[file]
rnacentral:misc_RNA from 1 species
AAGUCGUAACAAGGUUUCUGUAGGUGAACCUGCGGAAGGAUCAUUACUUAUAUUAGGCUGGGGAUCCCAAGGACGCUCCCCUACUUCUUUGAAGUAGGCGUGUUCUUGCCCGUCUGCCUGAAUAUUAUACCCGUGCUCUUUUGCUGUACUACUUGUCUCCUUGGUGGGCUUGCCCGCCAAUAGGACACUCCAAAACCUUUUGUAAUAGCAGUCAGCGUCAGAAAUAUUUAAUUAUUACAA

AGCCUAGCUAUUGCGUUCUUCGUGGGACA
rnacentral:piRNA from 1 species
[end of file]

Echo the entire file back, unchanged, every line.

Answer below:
rnacentral:misc_RNA from 1 species
AAGUCGUAACAAGGUUUCUGUAGGUGAACCUGCGGAAGGAUCAUUACUUAUAUUAGGCUGGGGAUCCCAAGGACGCUCCCCUACUUCUUUGAAGUAGGCGUGUUCUUGCCCGUCUGCCUGAAUAUUAUACCCGUGCUCUUUUGCUGUACUACUUGUCUCCUUGGUGGGCUUGCCCGCCAAUAGGACACUCCAAAACCUUUUGUAAUAGCAGUCAGCGUCAGAAAUAUUUAAUUAUUACAA

AGCCUAGCUAUUGCGUUCUUCGUGGGACA
rnacentral:piRNA from 1 species